Tarpon on the beaches
By Doug Stamper
October is upon us, and so we begin the gradual transition from hot to the beautiful "this is why we live in Southwest Florida" weather. Traditionally October is the first month when we finally see daily high temperatures that aren't in the 90’s. This turn of events rings the dinner bell for those pelagic and local species to fatten up as they migrate south, or for some species, the last few months of easy pickings in their hometown.
Tarpon traditionally make their way here along the beaches following massive schools of threadfin herring both this month and the next. Cobia, kingfish, bonito, and even tripletail will be on the move while getting fat on the buffet of baits moving south. If you fish offshore and nearshore during this time frame, pay attention to what you're passing, as you’ll see many of these species crashing baits within the first few miles of shore. The good thing for those that find these pushes of fish, is that when we don’t receive any real cold fronts from up North, often the massive schools of bait will stick around -- and so do those fish. To give an example, last year we had amazing fishing all the way through December, as no true cold fronts pushed South of Tampa till the first week of January. The year before was pretty much the same scenario; easy fishing was over mid-November, with spurts of awesome until our first true cold front arrived.
Fishing for reds in October can be fantastically ridiculous at times. Fish school up in great numbers and often you’ll see them pushing a wall of water ahead of them. Look for pushes of water, and then work fast to get baits in front of them, it’s that simple. You’ll also find massive schools of jacks and occasionally snook pushing water as well, not a bad bycatch. Topwater, jerk baits, live bait, and old school popping cork techniques will all work excellent. Redfish are consistent throughout the month and, as the tides move in, will be found up tight to the mangroves, versus along the edges of bars and flats during the lower tides.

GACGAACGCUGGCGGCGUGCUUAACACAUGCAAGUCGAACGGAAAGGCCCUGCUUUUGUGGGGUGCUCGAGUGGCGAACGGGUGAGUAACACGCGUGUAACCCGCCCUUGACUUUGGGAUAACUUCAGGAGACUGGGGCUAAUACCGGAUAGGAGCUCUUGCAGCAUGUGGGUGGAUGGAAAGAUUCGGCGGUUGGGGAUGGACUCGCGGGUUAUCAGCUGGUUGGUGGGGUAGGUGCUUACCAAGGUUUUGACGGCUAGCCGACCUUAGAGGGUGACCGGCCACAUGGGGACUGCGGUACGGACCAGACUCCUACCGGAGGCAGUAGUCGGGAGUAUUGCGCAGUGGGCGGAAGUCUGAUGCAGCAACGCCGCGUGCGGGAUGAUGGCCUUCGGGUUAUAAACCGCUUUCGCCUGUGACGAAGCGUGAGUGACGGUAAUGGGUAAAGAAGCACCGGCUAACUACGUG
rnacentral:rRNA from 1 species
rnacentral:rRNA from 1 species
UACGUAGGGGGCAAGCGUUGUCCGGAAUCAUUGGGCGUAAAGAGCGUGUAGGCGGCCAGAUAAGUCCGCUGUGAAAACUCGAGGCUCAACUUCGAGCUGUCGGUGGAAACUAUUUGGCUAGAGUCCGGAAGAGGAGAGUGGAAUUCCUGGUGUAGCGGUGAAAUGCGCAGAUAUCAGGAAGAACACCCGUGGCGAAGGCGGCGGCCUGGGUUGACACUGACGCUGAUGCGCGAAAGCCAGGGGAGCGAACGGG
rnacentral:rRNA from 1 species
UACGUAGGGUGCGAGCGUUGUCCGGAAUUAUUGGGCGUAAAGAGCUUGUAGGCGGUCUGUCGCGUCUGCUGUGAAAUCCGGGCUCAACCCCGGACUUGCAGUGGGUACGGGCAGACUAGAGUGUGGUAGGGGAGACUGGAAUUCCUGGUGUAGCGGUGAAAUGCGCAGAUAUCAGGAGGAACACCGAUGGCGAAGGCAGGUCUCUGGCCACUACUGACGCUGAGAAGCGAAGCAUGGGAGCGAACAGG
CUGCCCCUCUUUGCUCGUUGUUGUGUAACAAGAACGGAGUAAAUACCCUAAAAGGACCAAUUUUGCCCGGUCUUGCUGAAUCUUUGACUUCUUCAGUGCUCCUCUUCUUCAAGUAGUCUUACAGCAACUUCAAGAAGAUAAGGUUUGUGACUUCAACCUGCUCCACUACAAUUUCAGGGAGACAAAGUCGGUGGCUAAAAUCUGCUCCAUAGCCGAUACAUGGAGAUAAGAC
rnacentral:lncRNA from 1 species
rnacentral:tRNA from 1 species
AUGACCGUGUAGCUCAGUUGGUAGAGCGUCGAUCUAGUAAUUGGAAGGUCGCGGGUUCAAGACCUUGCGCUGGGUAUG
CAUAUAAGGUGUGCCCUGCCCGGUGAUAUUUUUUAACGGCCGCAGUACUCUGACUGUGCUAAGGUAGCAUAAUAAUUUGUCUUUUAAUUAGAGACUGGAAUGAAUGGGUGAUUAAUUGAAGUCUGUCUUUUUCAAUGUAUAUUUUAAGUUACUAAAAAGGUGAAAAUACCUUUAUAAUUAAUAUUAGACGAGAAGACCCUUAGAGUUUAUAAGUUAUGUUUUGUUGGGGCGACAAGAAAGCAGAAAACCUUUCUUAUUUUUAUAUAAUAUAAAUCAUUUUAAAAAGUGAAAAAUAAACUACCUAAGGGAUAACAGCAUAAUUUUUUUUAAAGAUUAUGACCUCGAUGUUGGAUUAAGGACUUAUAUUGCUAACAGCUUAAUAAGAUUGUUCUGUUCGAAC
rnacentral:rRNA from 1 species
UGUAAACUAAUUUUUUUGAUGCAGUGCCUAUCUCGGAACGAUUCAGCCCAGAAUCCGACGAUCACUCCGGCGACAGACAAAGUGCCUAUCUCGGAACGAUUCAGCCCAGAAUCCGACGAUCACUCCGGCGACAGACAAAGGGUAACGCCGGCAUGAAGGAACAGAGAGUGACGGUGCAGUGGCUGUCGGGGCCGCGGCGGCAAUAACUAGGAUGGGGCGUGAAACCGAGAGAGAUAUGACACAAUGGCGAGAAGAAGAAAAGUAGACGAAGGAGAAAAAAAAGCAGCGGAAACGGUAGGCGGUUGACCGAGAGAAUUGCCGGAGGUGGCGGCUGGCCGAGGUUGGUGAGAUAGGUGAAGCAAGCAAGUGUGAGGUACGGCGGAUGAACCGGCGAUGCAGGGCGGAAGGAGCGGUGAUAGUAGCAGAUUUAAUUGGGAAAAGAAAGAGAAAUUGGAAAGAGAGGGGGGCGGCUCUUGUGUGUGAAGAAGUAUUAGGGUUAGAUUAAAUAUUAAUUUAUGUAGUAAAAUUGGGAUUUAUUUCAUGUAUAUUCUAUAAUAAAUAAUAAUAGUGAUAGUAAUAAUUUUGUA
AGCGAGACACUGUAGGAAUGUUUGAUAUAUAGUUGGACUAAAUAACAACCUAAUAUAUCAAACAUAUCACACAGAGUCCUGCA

Trout will continue to get bigger in size and often eat baits meant for redfish during this time. Most trout will be found along the grassy edges in water as deep as 4 feet, but the big ones are usually up on the same flats as the redfish.
Snook fishing begins to transition to the backcountry areas in October, but that too can be on a delay depending on our water temperatures and the first “cool fronts." The rivers and creeks can see snook of all sizes this time of the year and, depending on water quality, you can often sight-cast to these fish. When trying to locate schools of snook, occasionally throwing out some "freebies" of live bait can give away their hiding spot.
You’ll have to experiment a bit with line, leader, and rod sizes to figure out what works best for the fish you’ve found. I like to start with 2/0 circle hooks and 30# leader on a medium heavy fast action rod. However, when a big snook in the 35” plus size range gets a hold of your line, it may not be enough. These are good problems to have though so I bring at least one other rod as my upgrade, and usually it’s a tarpon rod with at least 40# leader and a 3/0 circle hook since we all know exactly what that snook is going to do when it feels that hook!
Tight lines, Capt Greg Stamper